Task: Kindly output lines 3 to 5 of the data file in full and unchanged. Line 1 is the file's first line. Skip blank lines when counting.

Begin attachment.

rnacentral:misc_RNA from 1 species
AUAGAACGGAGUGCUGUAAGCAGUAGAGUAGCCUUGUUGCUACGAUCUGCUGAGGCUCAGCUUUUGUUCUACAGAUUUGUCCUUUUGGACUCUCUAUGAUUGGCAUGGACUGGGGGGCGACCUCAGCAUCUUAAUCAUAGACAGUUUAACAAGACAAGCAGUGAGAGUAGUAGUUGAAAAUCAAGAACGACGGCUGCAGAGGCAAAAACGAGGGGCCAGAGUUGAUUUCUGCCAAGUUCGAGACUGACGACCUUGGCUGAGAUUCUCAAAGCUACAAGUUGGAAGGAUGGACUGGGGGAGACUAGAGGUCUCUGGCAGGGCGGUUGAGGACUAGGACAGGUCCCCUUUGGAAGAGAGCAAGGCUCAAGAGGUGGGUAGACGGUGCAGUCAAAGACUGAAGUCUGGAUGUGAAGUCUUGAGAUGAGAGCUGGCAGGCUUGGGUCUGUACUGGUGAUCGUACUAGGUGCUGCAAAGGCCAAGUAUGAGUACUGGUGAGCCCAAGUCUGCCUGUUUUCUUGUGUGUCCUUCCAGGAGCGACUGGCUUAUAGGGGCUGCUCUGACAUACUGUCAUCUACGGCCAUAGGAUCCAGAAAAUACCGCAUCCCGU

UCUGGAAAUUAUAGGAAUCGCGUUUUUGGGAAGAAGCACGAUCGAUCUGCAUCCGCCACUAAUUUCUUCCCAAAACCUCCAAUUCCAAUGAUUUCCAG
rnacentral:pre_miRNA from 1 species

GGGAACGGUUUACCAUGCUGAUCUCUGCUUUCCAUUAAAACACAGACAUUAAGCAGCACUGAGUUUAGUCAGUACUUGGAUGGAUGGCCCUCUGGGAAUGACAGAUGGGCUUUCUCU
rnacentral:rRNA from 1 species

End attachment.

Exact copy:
UCUGGAAAUUAUAGGAAUCGCGUUUUUGGGAAGAAGCACGAUCGAUCUGCAUCCGCCACUAAUUUCUUCCCAAAACCUCCAAUUCCAAUGAUUUCCAG
rnacentral:pre_miRNA from 1 species

GGGAACGGUUUACCAUGCUGAUCUCUGCUUUCCAUUAAAACACAGACAUUAAGCAGCACUGAGUUUAGUCAGUACUUGGAUGGAUGGCCCUCUGGGAAUGACAGAUGGGCUUUCUCU